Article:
Women's Health Menopause: Philosophies of the East and West
by Eyton Shalom
This is part three of our Tao of Health series. In this article we will discuss alternatives to hormone replacement therapy (HRT).
Question: "I'm a successful attorney. I'm 46 years old and for the last six months I've suffered from terrible hot flashes. My whole head feels like it's burning and sometimes my hands too. I wake up at night and my bed is drenched in sweat. I'm constantly on edge, I get palpitations and feel basically depressed and fatigued much of the time. On the bright side, I haven't gotten my period for four months, but just when I thought it was safe, boom!, I got an exceptionally heavy flow. My doctor says I'm in perimenopause, the period before menopause, and that I should start taking estrogen tablets to control my symptoms, but I read recently in a book about the change of life called The Silent Passage by Gail Sheehy, that there are certain dangers such as increased risk of uterine and breast cancer associated with hormone replacement therapy (HRT). I'm scared, because my mother was on estrogen for twenty years from the age of 45 and she did develop a uterine malignancy. Are there any alternatives?"
Answer: This reader poses an important query. Currently HRT is heavily in the medical vogue and ads from the giant pharmaceutical companies can be seen in all the health magazines extolling the virtues of estrogen as a treatment for menopausal syndrome and as a preventative for the heart disease and osteoporosis to which post-menopausal western woman are at greater risk. Little mentioned, unfortunately, for a host of social, cultural, and economic reasons, are the potential risks of unopposed estrogen replacement. What is going on?
To begin, menopause (Greek for the ending of the month) is not a disease, but along with menarche and pregnancy, is one of the three great physical changes that are unique to being a woman. As a woman's ovaries age, they produce less and less estrogen, and as a result, less progesterone. This is part of the body's normal processes, and can result in certain vasomotor disturbances like hot flashes, night sweats, and headaches that are the result of imbalance between estrogen and the pituitary hormone FSH, that is its precursor. In addition, there can be a gradual effect on the secondary sexual characteristics. Interestingly, in cultures in which the aging process is viewed more favorably, women display far fewer "symptoms" of menopause. A person who focuses all their energy on beauty and youth may feel very depressed and frustrated by the aging process.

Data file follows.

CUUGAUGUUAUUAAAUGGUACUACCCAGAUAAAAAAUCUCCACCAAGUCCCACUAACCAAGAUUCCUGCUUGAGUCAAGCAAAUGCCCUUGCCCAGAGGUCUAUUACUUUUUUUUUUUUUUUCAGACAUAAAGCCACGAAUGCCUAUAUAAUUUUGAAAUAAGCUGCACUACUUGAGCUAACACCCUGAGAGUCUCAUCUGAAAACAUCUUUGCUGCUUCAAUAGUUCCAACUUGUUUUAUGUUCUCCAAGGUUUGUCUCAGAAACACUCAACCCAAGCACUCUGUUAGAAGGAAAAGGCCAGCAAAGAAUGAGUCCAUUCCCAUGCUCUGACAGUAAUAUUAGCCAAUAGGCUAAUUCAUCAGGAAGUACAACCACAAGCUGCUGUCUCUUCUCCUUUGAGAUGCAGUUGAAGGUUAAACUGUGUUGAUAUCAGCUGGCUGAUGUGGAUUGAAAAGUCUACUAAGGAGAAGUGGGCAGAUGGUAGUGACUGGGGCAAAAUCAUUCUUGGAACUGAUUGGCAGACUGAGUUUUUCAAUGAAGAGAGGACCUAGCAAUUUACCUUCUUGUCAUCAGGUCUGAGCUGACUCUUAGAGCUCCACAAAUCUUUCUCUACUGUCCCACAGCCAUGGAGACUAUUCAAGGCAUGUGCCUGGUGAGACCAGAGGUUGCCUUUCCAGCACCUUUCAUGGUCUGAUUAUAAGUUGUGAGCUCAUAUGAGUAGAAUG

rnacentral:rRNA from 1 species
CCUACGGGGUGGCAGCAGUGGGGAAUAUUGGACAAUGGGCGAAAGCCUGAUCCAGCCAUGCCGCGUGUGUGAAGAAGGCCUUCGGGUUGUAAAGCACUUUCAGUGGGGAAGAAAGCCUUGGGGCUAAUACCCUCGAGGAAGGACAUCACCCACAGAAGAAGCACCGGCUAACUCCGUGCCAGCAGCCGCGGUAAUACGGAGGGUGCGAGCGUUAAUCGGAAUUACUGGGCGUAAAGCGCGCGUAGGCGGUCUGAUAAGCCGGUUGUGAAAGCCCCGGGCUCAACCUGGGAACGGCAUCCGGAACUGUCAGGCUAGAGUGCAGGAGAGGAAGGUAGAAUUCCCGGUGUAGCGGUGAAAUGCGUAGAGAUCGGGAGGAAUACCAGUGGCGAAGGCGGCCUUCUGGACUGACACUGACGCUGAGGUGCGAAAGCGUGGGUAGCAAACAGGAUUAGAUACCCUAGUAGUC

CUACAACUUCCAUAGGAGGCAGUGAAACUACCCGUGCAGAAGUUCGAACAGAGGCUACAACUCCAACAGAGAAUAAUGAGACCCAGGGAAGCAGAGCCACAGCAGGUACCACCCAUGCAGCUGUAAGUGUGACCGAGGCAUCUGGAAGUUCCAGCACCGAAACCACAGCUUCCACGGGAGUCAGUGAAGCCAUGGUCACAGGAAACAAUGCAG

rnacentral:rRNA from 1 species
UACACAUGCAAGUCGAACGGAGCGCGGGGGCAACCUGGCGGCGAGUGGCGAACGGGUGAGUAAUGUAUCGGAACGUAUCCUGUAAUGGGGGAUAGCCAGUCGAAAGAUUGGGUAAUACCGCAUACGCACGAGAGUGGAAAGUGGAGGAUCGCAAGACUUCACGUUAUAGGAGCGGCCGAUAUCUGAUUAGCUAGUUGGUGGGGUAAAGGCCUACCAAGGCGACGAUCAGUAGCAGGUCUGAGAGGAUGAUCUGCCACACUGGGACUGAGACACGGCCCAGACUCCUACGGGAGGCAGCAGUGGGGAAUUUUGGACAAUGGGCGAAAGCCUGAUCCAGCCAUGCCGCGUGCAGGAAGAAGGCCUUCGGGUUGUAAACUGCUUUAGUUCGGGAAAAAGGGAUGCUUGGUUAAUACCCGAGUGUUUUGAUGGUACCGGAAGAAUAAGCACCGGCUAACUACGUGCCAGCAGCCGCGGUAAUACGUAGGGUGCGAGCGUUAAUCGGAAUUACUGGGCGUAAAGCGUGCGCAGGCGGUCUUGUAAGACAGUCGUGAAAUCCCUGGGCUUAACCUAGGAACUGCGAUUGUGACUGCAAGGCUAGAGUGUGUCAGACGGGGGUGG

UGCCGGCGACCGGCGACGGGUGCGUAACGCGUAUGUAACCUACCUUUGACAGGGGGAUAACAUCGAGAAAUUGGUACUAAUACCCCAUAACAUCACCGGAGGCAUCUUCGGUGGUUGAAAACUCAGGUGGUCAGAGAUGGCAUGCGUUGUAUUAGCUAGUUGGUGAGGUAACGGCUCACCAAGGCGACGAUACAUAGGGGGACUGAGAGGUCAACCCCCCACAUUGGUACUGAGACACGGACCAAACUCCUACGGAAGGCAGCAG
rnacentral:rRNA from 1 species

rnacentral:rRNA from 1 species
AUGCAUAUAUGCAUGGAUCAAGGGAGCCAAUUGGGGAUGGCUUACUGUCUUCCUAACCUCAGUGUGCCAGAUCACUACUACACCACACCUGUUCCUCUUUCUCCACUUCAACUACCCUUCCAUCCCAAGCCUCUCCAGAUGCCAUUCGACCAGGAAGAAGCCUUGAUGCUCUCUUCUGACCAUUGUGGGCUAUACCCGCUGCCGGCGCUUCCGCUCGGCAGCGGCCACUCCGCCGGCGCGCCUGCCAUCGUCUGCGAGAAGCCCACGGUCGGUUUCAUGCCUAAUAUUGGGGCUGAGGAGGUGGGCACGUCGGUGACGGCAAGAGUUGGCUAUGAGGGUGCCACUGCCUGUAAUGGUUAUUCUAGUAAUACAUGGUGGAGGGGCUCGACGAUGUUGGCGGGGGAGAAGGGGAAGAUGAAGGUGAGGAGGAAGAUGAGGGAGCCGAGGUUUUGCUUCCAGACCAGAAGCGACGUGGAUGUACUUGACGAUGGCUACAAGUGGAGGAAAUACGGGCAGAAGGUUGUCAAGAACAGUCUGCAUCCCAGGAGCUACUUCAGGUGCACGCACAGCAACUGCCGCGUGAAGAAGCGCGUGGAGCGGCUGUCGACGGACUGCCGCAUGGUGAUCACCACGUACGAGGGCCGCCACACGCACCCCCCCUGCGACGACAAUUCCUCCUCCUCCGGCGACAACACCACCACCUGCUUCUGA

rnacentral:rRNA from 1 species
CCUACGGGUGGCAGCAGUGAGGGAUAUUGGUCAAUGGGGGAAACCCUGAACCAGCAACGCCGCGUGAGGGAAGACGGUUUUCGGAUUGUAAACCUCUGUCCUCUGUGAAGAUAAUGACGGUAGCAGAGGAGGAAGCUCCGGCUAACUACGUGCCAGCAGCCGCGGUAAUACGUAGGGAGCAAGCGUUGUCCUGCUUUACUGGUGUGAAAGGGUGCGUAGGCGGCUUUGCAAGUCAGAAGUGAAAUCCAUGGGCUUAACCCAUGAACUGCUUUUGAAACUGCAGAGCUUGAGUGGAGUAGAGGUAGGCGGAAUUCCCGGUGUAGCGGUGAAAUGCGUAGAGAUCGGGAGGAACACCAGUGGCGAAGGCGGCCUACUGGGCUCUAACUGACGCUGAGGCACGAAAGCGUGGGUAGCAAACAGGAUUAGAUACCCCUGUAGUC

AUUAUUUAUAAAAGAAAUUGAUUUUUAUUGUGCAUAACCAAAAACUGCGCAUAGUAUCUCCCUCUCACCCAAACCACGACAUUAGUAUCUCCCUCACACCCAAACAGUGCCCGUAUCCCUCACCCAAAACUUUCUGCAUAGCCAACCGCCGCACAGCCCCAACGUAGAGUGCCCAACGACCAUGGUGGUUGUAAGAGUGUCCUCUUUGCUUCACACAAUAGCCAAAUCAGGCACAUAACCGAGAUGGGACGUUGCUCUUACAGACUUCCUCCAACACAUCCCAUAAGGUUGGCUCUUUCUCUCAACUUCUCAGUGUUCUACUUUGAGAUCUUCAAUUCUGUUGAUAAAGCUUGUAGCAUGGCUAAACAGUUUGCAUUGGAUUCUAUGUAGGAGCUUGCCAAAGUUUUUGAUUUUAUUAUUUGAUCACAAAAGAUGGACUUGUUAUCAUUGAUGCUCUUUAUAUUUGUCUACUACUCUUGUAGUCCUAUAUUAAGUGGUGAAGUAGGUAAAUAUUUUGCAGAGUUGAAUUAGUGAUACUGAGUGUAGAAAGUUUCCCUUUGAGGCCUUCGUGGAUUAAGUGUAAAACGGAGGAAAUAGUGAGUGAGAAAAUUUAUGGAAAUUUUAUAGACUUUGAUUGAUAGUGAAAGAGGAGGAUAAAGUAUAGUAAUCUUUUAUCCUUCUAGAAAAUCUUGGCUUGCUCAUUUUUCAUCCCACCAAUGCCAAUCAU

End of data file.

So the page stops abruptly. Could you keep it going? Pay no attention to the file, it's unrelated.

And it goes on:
While aging is never easy, people who value other nonphysical attributes may welcome advancing age as a time for further personal development. This is a time when essence is reduced, but wisdom can be increased. In traditional cultures it was quite natural for people to pass through various stages of life and people were prepared physically and spiritually. The Chinese, a people with a culture that places harmony at a premium, have always used herbal medicine, acupuncture, and lifestyle modification to facilitate the smooth passage through menarche, pregnancy, and menopause. While it may appear that all women suffer badly during menopause, the truth is there is a tremendous range of experience based on differences in body chemistry, lifestyle, and stress levels. From the standpoint of Chinese Medicine our reader's symptoms, though common, are not necessary and are symptomatic of an imbalance in the body system that is readily remediable.
There are two basic reasons why doctors give estrogen hormones to their patients: the first is to treat symptoms of menopause such as hot flashes, and so forth, and the second is as an alleged preventative against osteoporosis and heart disease. However, like many "miracles" there is a catch. Research has shown that the effectiveness of estrogen in preventing osteoporosis and heart disease is dependent upon its long-term use; once you stop taking it, it stops helping you. The problem with long-term use is that it seriously increases one's risk for breast and uterine cancer, a risk that is already increased by the aging process itself. So while pharmaceutical companies which sell approximately a billion dollars worth of hormones per year are touting their preventative benefits, the truth is that very few woman can conscionably benefit from this quality without putting themselves at risk for cancer. Intelligent physicians will restrict long-term usage to those most at risk from osteoporosis and heart disease, those whose bone density levels have been measured and found to be low, and those with either a personal history or direct family history (a mother or sister who had symptoms before the age of 50) of heart disease or bone loss.